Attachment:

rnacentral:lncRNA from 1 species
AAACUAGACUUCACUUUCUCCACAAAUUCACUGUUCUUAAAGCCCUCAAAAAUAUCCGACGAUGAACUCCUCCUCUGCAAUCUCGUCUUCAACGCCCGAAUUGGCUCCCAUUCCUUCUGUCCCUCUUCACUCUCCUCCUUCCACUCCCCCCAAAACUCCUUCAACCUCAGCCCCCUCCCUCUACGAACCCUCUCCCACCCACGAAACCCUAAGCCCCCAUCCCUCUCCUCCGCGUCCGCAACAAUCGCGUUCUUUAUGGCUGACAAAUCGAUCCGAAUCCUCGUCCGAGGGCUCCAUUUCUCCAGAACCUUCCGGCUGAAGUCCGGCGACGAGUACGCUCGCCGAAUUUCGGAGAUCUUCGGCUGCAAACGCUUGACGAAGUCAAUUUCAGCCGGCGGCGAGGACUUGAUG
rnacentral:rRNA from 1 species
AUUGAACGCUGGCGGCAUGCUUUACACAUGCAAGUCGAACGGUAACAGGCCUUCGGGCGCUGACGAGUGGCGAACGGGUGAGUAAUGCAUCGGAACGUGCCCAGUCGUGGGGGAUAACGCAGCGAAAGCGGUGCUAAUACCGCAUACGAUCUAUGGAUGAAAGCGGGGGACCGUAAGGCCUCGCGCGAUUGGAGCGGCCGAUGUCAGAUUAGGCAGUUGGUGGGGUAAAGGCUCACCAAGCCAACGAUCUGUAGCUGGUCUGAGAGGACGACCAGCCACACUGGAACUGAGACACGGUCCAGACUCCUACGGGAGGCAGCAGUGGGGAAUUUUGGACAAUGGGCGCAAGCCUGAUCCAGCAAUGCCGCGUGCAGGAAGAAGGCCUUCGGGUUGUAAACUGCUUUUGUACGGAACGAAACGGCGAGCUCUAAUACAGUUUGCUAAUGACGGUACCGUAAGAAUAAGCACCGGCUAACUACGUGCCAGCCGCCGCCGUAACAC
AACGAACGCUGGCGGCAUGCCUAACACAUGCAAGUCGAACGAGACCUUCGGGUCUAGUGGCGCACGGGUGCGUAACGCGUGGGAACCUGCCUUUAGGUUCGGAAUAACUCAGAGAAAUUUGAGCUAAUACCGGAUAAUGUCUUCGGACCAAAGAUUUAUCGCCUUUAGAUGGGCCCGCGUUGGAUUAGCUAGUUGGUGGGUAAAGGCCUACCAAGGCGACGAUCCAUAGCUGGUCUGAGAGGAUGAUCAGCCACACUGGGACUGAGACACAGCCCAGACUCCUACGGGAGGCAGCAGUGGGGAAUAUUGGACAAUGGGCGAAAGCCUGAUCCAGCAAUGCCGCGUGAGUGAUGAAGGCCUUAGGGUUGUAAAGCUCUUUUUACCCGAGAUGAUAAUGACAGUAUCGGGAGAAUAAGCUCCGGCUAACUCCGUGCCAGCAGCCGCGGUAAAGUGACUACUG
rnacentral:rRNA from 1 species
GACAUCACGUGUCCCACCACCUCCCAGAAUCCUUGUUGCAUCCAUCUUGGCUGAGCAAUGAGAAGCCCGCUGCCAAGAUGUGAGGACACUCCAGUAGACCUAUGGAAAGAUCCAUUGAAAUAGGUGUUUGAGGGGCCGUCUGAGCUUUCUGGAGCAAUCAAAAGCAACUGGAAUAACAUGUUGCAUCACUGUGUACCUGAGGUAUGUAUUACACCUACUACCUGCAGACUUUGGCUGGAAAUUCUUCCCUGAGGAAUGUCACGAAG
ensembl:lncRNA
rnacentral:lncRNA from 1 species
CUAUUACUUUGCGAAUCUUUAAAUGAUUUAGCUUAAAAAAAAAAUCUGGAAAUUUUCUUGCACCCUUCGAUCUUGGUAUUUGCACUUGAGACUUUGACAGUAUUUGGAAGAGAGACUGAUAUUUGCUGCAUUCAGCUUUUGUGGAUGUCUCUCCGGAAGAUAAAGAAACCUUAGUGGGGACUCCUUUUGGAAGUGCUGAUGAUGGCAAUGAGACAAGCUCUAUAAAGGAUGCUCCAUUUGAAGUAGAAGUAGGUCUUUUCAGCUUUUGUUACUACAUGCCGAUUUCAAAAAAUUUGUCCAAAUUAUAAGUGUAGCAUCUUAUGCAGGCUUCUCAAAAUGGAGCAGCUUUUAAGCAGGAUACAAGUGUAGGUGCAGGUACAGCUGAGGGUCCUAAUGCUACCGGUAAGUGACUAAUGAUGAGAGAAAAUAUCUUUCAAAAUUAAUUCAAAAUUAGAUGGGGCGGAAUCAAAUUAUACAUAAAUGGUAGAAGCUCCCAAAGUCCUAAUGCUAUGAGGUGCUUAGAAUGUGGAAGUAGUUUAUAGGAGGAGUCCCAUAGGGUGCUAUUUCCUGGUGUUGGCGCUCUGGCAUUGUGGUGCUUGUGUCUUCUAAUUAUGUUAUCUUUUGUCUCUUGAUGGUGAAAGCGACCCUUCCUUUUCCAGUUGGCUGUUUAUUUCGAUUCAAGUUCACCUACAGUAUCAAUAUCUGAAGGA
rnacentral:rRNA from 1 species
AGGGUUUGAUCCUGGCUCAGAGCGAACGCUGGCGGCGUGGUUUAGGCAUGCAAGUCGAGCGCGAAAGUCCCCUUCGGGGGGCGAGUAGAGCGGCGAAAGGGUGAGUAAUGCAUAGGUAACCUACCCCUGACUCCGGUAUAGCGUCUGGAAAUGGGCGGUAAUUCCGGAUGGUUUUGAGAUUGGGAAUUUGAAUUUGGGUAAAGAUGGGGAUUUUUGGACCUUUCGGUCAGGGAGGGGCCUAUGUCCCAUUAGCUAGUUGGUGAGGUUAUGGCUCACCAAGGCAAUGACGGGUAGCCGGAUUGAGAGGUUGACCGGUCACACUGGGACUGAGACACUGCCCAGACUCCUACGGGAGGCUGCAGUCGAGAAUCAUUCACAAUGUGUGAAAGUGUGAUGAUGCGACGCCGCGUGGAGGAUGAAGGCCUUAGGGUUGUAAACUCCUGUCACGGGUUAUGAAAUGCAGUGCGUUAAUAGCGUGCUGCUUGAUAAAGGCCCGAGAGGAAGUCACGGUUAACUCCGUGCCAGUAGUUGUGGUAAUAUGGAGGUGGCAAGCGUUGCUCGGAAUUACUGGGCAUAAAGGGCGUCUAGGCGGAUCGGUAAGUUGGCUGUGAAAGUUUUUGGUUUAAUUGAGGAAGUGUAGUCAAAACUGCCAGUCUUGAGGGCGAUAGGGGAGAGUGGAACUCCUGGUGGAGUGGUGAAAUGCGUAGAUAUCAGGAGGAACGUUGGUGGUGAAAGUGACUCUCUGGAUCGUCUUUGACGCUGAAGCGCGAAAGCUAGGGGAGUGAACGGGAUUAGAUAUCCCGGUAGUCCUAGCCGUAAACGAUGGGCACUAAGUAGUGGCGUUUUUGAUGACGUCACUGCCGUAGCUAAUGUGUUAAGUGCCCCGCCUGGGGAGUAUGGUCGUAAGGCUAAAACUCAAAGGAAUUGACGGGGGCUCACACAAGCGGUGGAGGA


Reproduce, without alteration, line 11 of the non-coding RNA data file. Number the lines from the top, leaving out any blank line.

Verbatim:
rnacentral:rRNA from 1 species